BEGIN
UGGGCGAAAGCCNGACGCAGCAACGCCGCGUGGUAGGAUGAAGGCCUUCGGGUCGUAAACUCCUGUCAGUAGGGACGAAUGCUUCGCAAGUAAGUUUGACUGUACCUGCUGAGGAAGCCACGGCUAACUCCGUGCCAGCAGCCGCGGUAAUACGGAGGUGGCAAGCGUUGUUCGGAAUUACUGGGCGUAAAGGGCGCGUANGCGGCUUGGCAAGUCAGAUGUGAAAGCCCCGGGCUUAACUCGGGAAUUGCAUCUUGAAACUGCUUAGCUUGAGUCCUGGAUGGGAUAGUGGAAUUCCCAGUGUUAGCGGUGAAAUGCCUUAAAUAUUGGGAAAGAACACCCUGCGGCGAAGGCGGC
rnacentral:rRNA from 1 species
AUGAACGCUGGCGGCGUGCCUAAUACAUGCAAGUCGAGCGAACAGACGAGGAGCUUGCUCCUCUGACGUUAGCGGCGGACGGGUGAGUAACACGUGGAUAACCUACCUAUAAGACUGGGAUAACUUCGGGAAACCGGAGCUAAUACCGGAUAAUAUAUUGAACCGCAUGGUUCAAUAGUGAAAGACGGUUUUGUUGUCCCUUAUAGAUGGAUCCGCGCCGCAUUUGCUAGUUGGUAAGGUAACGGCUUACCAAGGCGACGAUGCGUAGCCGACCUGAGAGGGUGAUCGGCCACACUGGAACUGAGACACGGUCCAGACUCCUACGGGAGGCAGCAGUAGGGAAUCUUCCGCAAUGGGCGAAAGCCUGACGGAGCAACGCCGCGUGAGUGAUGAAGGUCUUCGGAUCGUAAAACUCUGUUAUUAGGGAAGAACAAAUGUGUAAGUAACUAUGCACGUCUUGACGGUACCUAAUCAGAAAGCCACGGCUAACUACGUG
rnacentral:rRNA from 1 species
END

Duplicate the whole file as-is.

UGGGCGAAAGCCNGACGCAGCAACGCCGCGUGGUAGGAUGAAGGCCUUCGGGUCGUAAACUCCUGUCAGUAGGGACGAAUGCUUCGCAAGUAAGUUUGACUGUACCUGCUGAGGAAGCCACGGCUAACUCCGUGCCAGCAGCCGCGGUAAUACGGAGGUGGCAAGCGUUGUUCGGAAUUACUGGGCGUAAAGGGCGCGUANGCGGCUUGGCAAGUCAGAUGUGAAAGCCCCGGGCUUAACUCGGGAAUUGCAUCUUGAAACUGCUUAGCUUGAGUCCUGGAUGGGAUAGUGGAAUUCCCAGUGUUAGCGGUGAAAUGCCUUAAAUAUUGGGAAAGAACACCCUGCGGCGAAGGCGGC
rnacentral:rRNA from 1 species
AUGAACGCUGGCGGCGUGCCUAAUACAUGCAAGUCGAGCGAACAGACGAGGAGCUUGCUCCUCUGACGUUAGCGGCGGACGGGUGAGUAACACGUGGAUAACCUACCUAUAAGACUGGGAUAACUUCGGGAAACCGGAGCUAAUACCGGAUAAUAUAUUGAACCGCAUGGUUCAAUAGUGAAAGACGGUUUUGUUGUCCCUUAUAGAUGGAUCCGCGCCGCAUUUGCUAGUUGGUAAGGUAACGGCUUACCAAGGCGACGAUGCGUAGCCGACCUGAGAGGGUGAUCGGCCACACUGGAACUGAGACACGGUCCAGACUCCUACGGGAGGCAGCAGUAGGGAAUCUUCCGCAAUGGGCGAAAGCCUGACGGAGCAACGCCGCGUGAGUGAUGAAGGUCUUCGGAUCGUAAAACUCUGUUAUUAGGGAAGAACAAAUGUGUAAGUAACUAUGCACGUCUUGACGGUACCUAAUCAGAAAGCCACGGCUAACUACGUG
rnacentral:rRNA from 1 species